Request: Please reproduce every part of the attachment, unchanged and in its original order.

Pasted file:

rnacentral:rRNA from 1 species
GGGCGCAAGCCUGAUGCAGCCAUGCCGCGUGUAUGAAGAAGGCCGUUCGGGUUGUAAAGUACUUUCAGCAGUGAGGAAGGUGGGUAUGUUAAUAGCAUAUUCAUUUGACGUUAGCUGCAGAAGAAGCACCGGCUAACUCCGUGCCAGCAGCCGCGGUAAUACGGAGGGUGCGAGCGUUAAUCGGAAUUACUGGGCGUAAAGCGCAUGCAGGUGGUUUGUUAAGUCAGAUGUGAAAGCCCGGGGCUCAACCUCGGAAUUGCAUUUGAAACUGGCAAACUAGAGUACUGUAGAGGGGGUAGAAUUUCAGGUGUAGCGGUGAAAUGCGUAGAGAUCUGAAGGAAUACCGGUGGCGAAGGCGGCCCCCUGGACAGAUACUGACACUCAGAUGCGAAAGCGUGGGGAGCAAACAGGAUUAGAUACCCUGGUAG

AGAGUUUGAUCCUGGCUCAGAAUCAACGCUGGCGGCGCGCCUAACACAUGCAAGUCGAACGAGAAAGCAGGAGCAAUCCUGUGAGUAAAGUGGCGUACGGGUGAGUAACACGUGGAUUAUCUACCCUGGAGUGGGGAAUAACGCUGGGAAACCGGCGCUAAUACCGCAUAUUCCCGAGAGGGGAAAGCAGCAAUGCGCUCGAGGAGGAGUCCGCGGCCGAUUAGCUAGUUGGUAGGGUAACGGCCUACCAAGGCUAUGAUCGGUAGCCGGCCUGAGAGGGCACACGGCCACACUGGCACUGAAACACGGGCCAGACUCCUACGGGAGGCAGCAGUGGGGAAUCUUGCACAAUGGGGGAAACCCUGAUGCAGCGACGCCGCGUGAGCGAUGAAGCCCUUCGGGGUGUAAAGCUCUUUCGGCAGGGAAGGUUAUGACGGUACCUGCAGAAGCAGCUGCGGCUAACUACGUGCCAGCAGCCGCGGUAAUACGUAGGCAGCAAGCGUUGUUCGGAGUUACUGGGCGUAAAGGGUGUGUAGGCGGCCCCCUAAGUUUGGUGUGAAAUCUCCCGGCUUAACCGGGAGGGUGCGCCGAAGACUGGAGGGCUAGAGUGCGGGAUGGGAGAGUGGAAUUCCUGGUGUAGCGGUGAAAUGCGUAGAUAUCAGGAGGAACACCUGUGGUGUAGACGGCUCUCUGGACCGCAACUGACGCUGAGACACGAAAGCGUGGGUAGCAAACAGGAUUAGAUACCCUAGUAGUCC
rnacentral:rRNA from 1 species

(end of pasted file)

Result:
rnacentral:rRNA from 1 species
GGGCGCAAGCCUGAUGCAGCCAUGCCGCGUGUAUGAAGAAGGCCGUUCGGGUUGUAAAGUACUUUCAGCAGUGAGGAAGGUGGGUAUGUUAAUAGCAUAUUCAUUUGACGUUAGCUGCAGAAGAAGCACCGGCUAACUCCGUGCCAGCAGCCGCGGUAAUACGGAGGGUGCGAGCGUUAAUCGGAAUUACUGGGCGUAAAGCGCAUGCAGGUGGUUUGUUAAGUCAGAUGUGAAAGCCCGGGGCUCAACCUCGGAAUUGCAUUUGAAACUGGCAAACUAGAGUACUGUAGAGGGGGUAGAAUUUCAGGUGUAGCGGUGAAAUGCGUAGAGAUCUGAAGGAAUACCGGUGGCGAAGGCGGCCCCCUGGACAGAUACUGACACUCAGAUGCGAAAGCGUGGGGAGCAAACAGGAUUAGAUACCCUGGUAG

AGAGUUUGAUCCUGGCUCAGAAUCAACGCUGGCGGCGCGCCUAACACAUGCAAGUCGAACGAGAAAGCAGGAGCAAUCCUGUGAGUAAAGUGGCGUACGGGUGAGUAACACGUGGAUUAUCUACCCUGGAGUGGGGAAUAACGCUGGGAAACCGGCGCUAAUACCGCAUAUUCCCGAGAGGGGAAAGCAGCAAUGCGCUCGAGGAGGAGUCCGCGGCCGAUUAGCUAGUUGGUAGGGUAACGGCCUACCAAGGCUAUGAUCGGUAGCCGGCCUGAGAGGGCACACGGCCACACUGGCACUGAAACACGGGCCAGACUCCUACGGGAGGCAGCAGUGGGGAAUCUUGCACAAUGGGGGAAACCCUGAUGCAGCGACGCCGCGUGAGCGAUGAAGCCCUUCGGGGUGUAAAGCUCUUUCGGCAGGGAAGGUUAUGACGGUACCUGCAGAAGCAGCUGCGGCUAACUACGUGCCAGCAGCCGCGGUAAUACGUAGGCAGCAAGCGUUGUUCGGAGUUACUGGGCGUAAAGGGUGUGUAGGCGGCCCCCUAAGUUUGGUGUGAAAUCUCCCGGCUUAACCGGGAGGGUGCGCCGAAGACUGGAGGGCUAGAGUGCGGGAUGGGAGAGUGGAAUUCCUGGUGUAGCGGUGAAAUGCGUAGAUAUCAGGAGGAACACCUGUGGUGUAGACGGCUCUCUGGACCGCAACUGACGCUGAGACACGAAAGCGUGGGUAGCAAACAGGAUUAGAUACCCUAGUAGUCC
rnacentral:rRNA from 1 species